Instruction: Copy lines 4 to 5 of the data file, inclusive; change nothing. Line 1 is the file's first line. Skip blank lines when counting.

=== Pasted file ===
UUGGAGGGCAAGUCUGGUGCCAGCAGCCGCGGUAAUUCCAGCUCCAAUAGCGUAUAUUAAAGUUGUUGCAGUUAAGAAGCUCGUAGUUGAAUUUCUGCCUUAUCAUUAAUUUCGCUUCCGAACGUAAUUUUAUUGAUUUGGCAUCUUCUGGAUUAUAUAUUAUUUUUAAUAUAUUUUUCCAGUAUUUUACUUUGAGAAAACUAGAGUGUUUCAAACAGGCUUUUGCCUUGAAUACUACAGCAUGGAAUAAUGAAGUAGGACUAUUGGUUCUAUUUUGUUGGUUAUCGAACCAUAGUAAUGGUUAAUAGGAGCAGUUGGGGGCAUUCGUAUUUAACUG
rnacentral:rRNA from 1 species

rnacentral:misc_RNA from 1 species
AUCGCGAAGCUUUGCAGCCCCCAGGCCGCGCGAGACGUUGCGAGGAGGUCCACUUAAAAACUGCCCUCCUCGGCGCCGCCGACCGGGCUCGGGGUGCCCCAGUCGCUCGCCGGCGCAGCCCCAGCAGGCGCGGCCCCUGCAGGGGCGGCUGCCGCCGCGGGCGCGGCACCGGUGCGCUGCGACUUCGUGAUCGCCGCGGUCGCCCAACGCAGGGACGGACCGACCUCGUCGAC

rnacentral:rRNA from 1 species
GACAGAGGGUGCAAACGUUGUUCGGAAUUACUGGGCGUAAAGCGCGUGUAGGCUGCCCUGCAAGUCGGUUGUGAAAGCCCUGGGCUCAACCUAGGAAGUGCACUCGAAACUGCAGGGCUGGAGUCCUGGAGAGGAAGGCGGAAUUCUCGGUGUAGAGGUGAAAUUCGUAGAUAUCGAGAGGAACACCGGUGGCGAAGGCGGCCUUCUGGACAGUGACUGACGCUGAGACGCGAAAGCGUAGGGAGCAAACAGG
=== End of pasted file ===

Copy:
AUCGCGAAGCUUUGCAGCCCCCAGGCCGCGCGAGACGUUGCGAGGAGGUCCACUUAAAAACUGCCCUCCUCGGCGCCGCCGACCGGGCUCGGGGUGCCCCAGUCGCUCGCCGGCGCAGCCCCAGCAGGCGCGGCCCCUGCAGGGGCGGCUGCCGCCGCGGGCGCGGCACCGGUGCGCUGCGACUUCGUGAUCGCCGCGGUCGCCCAACGCAGGGACGGACCGACCUCGUCGAC

rnacentral:rRNA from 1 species